India’s oldest planned city brings the best of Rajasthan’s culture to the fore. From food to architecture to shopping, Jaipur presents everything in one colourful package. Remarkably, for a city as old as this, it has kept up well with the times, as you will realise when you walk into its hip cafes, trendy bars and swank hotels. Here’s how to make the most of your time in the Pink City.
Start straight from the heart of the old city, at the City Palace. The complex hosts a museum documenting the life and times of the royals, whose descendants still occupy a part of this palace. From here, hop across to Jantar Mantar, built as a celestial observatory by the Rajput king Sawai Jai Singh and completed in 1734. It is home to the world’s largest stone sundial and other purpose built architecture that tracks the position of the stars in the sky. Next door is the intricate and imposing Hawa Mahal, built as an elaborate but discreet viewing gallery for women of the royal household to look out at life on the street below. It is through these ventilated galleries that the women would shop from the merchants who would flock to the palace. Today, the markets around Hawa Mahal are bustling with more wares than you can imagine. But come back to these later—you don’t want to be lugging shopping bags when you’re exploring two of Jaipur’s neighbouring forts.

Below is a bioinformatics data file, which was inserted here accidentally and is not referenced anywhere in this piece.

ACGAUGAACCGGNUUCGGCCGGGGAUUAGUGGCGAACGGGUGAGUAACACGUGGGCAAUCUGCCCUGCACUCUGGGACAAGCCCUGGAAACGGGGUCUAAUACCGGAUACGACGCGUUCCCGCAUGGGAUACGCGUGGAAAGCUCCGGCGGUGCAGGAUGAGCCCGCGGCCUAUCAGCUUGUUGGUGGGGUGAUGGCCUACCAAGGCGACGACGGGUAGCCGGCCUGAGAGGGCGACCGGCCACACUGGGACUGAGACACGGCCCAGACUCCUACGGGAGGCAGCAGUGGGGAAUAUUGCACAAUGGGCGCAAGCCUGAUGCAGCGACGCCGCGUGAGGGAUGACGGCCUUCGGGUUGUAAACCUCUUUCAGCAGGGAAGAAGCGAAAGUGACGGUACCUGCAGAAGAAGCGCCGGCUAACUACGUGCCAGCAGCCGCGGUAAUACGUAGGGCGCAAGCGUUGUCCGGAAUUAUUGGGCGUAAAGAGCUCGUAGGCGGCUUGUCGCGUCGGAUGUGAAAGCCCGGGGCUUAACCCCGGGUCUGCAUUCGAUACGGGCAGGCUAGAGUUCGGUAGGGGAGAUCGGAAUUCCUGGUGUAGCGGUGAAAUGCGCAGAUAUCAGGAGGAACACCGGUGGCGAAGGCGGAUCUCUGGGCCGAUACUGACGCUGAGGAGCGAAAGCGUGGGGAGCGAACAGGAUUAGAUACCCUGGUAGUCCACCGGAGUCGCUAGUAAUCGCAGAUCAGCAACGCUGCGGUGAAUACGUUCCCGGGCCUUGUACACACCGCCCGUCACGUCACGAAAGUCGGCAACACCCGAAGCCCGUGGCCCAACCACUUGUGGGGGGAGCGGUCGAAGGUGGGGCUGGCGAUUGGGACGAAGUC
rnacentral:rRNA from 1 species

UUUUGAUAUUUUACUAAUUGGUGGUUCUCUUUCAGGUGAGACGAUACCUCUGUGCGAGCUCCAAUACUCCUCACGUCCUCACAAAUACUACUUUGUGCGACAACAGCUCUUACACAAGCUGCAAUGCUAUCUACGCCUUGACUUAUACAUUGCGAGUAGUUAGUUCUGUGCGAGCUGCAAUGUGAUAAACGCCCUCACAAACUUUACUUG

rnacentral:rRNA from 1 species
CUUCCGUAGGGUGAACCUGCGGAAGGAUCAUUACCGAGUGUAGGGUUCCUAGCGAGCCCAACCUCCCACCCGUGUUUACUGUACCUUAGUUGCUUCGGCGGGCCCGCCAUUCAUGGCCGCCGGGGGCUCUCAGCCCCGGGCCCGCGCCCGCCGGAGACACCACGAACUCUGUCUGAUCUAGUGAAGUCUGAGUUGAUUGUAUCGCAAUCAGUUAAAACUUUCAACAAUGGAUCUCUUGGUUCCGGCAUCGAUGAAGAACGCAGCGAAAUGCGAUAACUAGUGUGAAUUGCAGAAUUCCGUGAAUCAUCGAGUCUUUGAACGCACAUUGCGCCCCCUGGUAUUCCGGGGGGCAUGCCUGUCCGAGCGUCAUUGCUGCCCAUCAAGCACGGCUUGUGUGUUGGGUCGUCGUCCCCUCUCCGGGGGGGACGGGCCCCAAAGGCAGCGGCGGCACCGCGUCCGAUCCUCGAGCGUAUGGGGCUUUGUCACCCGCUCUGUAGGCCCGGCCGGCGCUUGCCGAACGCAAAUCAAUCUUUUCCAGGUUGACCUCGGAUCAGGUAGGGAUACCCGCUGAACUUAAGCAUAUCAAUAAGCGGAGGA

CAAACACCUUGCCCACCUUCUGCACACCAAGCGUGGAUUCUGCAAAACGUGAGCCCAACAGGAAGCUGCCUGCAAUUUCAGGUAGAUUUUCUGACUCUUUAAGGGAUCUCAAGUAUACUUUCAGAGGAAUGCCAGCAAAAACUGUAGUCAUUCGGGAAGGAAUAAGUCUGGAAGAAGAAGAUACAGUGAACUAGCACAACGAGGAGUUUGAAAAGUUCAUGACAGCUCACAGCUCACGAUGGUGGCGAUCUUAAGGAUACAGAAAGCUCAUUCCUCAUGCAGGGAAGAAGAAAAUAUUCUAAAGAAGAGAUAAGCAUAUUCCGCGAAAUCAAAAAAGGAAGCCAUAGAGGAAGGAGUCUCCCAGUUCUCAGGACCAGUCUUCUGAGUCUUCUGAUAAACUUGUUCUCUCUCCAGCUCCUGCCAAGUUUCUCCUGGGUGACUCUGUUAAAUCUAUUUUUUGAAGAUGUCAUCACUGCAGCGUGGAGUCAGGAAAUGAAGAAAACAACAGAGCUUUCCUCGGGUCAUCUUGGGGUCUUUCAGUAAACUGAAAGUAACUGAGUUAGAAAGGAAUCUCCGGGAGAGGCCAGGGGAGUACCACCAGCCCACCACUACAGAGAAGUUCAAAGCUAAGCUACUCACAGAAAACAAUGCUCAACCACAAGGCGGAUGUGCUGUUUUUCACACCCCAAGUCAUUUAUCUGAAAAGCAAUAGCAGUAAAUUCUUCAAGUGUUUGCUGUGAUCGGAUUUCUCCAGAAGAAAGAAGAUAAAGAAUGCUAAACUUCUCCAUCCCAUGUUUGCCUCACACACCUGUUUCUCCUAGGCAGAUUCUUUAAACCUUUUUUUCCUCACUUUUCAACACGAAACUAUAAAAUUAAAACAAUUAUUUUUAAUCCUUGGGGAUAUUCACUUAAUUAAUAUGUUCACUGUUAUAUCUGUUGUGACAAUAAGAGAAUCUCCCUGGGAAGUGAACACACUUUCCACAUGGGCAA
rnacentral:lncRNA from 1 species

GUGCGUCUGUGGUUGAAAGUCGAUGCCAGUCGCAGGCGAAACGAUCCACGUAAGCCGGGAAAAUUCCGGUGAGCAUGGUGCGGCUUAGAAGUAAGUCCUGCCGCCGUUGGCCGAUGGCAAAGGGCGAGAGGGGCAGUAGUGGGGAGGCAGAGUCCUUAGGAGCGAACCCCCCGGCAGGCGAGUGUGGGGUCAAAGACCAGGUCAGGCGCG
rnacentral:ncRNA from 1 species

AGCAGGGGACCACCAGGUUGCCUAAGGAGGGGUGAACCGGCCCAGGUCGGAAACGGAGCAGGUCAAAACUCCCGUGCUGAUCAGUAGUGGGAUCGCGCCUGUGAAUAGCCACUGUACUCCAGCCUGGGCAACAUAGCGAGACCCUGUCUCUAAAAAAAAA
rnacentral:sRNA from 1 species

Nahargarh Fort lords over the city from its vantage on the Aravalli ridge. It makes for an excellent sunset point, provided you don’t mind the snaking jam of vehicles on the way down. Next door, the Amer Fort is where you can spend half a day. Spare the poor elephants and make the easy, 10-minute climb up to the fort. Allow the (audio) guide to take you through the palace and its story. Spend time at the Sheesh Mahal, the breathtaking palace of mirrors, gape at the ornate garden at the centre of the fort, and snap the Kesar Kyari and its surrounding lake from the galleries above. Time your visit to the second half of the day, so you can hang around for the spectacular sound-and-light show after sunset. (Tip: the one in Hindi has been penned by Gulzar and narrated by Amitabh Bachchan, though the version in English is no less impressive.) Along the way, you may also stop by for a boat ride around the surreal Jal Mahal.
If you happen to visit in winter, schedule a visit to the Rajasthan Polo Club, preferably during a match, is a great experience. Sip on Champagne and watch the game unfold, before hoping to be invited for an after party by the city’s swish set.